That some such claim was perceived is made explicit in the response to the assembly by Luis Mendez, described as a "poet in resistance". After rehearsing the details of the attempt to swell the ranks of the delegates with extra appointees recommended by Liberals in resistance, Mendez says that
It is lamentable but the thing is that Carlos Eduardo Reina and the rest that don't add up to ten have the economic resources to move bars, and money to bring a national commission of Liberals in Resistance to the Dominican Republic (as they proposed at the Assembly of Tocoa), and expound to our ex-president Manuel Zelaya Rosales the developments for which they withdrew from the national conduct of the FNRP... well, if they have the economic resources that would be very much their own affair, but we, we do not go to Santo Domingo, but, we go to the villages, to the hamlets, to form the collectives, to accompany to the town fronts, there is where the construction of popular power will be given.

And, without doubt, we expect comrade Manuel Zelaya will personally join the Executive Committee of the FNRP as one of the principal leaders of the movement and it is certain that we can invite the Apparition, there, to where Saint Thomas was the one to say to us: TODAY IS NOT AS BEFORE COMRADES, today we have new visions.

The religious nature of this imagery, again, is somewhat startling, but like the metaphor of extreme unction, it shifts the register from mere politics as usual to redemption, to revelation, and to fervor.

Zelaya, by accepting his appointed role in the FNRP, affirms the new movement as something more than the politics of the past.

The Frente and the Liberal Party

As the previous posts should indicate, there was considerable tension around the assembly of the FNRP that was held in Tocoa this weekend.

Under the headline Second Day of the National Assembly: the debates and the wager on the unity of the FNRP continue, Vos el Soberano provides a report that starts with the following quote:
"Before being a Liberal I am of the people and the Frente Nacional de Resistencia Popular, that is the future.”

Ubodoro Arriaga Izaguirre, Delegate from the Department of La Paz to the First National Assembly of the FNRP.

While that tells the whole story in a nutshell, the report goes on to specify what happened:

Liberal leaders withdrew from the National Assembly of the FNRP on not succeeding in impose their delegates named outside the Departmental Assemblies of the Resistance.

Specifically cited as speaking for the Liberal Party were Carlos Eduardo Reina, Orfilia de Mejía and Rasel Tome, who "took the floor to explain to the departmental delegates their reasons to self-exclude themselves". According to this report they clarified that they "do not renounce" the FNRP, just participating in the provisional National Coordination to be elected today.

On the one hand, this is not that different from what COPINH and the Feminists in Resistance did. But timing is everything. Making a principled statement in advance that you are not interested in being part of a formal structure you consider dubious, and withdrawing when things don't go your way, are as different as, well, making a principled stand and saving face.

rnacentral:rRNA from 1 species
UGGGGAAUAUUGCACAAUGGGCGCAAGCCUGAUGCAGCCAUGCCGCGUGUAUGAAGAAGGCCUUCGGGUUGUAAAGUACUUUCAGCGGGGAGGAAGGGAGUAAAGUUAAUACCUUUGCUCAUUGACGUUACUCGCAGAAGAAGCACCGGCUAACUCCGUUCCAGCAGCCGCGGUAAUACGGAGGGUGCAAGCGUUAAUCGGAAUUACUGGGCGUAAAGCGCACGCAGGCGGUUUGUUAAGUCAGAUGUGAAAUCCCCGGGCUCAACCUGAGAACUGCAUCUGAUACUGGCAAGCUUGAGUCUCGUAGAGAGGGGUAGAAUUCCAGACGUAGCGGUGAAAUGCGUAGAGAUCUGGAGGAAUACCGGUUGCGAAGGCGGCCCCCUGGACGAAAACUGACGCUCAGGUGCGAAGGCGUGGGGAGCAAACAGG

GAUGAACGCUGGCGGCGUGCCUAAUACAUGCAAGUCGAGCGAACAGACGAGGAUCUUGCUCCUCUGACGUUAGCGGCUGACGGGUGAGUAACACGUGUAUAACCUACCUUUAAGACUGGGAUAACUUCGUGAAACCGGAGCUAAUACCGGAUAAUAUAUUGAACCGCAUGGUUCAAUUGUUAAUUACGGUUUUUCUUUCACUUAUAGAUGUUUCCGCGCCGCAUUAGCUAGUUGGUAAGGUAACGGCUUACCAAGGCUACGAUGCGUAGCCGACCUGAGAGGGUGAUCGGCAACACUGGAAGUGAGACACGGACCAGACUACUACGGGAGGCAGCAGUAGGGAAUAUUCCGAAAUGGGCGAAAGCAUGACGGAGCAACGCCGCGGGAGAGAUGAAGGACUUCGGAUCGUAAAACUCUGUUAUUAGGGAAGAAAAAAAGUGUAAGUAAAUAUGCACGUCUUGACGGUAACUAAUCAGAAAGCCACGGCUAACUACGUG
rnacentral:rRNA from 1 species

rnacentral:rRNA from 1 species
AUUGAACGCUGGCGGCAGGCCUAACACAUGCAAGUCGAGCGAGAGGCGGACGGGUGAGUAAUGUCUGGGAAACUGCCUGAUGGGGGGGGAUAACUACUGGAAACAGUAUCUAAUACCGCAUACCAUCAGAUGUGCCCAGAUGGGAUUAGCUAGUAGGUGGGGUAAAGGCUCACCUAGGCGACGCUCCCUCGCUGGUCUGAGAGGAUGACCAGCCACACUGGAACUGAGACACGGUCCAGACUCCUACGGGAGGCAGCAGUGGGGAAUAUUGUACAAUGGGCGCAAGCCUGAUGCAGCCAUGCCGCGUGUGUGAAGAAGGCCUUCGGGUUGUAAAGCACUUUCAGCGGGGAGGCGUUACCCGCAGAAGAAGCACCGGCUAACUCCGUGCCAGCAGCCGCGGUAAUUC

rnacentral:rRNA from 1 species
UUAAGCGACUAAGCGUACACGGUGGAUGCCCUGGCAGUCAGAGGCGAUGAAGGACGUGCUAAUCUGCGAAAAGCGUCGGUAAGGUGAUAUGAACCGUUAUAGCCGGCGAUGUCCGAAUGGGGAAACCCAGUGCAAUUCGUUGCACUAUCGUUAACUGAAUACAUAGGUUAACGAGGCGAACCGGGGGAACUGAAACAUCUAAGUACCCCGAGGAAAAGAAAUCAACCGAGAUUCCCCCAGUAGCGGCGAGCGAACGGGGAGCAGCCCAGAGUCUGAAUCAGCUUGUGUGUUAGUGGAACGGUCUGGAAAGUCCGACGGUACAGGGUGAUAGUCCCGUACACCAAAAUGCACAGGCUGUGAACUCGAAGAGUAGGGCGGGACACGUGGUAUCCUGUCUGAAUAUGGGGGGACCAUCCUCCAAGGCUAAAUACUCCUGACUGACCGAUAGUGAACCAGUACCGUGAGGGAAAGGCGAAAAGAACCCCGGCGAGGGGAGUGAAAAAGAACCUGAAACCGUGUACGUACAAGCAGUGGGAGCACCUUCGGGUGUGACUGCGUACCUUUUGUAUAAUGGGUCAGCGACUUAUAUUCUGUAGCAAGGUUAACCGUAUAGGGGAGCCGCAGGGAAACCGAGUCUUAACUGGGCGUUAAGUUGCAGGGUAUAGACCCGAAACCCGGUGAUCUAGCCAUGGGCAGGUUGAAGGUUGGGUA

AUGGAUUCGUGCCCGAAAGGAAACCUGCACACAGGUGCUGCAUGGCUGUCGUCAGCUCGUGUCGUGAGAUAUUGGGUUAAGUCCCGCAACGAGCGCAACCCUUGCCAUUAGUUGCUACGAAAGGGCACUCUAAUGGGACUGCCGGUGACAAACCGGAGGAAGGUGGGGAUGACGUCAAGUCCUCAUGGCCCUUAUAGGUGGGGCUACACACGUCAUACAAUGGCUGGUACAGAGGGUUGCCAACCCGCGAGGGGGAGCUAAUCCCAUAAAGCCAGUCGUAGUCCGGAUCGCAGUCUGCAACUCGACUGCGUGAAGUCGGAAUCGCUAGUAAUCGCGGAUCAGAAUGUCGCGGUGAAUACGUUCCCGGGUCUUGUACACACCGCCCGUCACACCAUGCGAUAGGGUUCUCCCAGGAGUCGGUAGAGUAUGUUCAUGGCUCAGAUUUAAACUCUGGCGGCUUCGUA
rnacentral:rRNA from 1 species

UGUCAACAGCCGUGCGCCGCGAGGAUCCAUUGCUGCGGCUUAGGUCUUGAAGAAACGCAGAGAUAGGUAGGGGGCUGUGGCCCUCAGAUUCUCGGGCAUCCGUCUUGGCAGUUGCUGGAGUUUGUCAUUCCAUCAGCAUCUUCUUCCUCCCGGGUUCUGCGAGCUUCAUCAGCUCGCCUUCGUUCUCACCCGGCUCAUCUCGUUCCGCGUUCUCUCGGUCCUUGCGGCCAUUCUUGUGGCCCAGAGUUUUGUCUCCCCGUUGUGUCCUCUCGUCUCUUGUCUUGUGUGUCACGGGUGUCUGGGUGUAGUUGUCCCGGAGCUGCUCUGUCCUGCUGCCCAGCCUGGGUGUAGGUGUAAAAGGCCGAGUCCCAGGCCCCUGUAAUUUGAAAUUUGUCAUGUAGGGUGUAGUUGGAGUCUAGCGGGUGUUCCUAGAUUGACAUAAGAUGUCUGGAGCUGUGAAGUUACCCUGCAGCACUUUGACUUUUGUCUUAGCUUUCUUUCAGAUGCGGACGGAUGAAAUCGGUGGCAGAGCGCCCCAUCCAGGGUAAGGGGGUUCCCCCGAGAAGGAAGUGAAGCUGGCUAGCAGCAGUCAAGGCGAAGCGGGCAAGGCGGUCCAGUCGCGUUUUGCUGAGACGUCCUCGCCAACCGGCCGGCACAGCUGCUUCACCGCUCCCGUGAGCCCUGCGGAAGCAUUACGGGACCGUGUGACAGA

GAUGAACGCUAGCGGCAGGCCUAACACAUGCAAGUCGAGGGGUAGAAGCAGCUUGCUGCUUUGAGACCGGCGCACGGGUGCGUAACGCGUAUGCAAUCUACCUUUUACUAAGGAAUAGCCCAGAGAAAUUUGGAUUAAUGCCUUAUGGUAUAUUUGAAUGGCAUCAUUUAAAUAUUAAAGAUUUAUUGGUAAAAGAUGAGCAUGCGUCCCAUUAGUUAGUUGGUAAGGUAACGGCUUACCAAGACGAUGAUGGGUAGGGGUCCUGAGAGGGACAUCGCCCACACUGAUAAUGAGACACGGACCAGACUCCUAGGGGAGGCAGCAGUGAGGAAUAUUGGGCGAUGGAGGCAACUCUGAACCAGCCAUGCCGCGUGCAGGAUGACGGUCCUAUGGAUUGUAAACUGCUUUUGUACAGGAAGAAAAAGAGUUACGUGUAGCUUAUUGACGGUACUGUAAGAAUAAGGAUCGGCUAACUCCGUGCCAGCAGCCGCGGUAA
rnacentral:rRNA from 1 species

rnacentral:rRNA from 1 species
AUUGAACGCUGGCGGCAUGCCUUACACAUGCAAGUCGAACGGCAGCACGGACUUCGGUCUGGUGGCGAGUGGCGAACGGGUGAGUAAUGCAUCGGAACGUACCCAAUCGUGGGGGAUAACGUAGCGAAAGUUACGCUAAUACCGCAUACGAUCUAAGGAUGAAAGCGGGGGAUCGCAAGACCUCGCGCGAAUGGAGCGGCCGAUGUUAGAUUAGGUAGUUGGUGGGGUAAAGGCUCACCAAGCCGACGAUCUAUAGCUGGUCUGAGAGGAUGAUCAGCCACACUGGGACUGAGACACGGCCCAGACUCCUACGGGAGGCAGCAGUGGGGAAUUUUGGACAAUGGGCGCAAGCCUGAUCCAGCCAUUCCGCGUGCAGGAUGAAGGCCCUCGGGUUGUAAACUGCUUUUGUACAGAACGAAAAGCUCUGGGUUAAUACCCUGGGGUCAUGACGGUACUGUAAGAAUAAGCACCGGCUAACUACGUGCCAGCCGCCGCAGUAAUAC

Reporting describes an unsuccessful attempt to install 29 extra delegates representing Liberals in Resistance over and above those elected on a state by state basis:
Yesterday, in hours of the afternoon and night, the leaders of the sector called Liberals in Resistance tried by every means to impose and inscribe 29 delegates in addition to those elected in departmental assemblies of the Resistance...

The trigger for rejection by the departmental delegates was, according to this report, an attempt to appoint the ex mayor of Tocoa, Adán Fúnez. The latter participated in open resistance to the coup up until one week before the November election, when, Vos el Soberano (citing news reports in El Heraldo) says
with the intention of relecting himself in office, he appeared in a center of the golpista sector of the Liberal Party to ask, publicly and on bended knee, pardon for having participated in the activities of the Resistance.

One can see why he was an unwelcome person. It is almost unbelievable that experienced party politicians would have such a tin ear as to think this would go down without choking.

Rasel Tome is given the principal responsibility for the attempted to expand delegates:
Within hours of yesterday it was possible to confirm that Rasel Tome had unilaterally ordered his sympathizers to expand the departmental delegates from two incumbents and an alternate to four incumbents and an alternate (two additional hand-picked delegates) against the decision of the last Assembly of the Resistance celebrated in Siguatepeque that established the number of delegates at 56 for logistical and budgetary reasons.

The report emphasizes that with the departure of the Liberal leaders, debate continued, underlining that the FNRP is not about winning traditional elections:
the political wager of the FNRP will not be the electoral processes, so as not to continue accepting elections Honduras-style, and it was decided that the fundamental task of the moment is the installation of the National Constituent Assembly with the conditions that the popular movement proposes.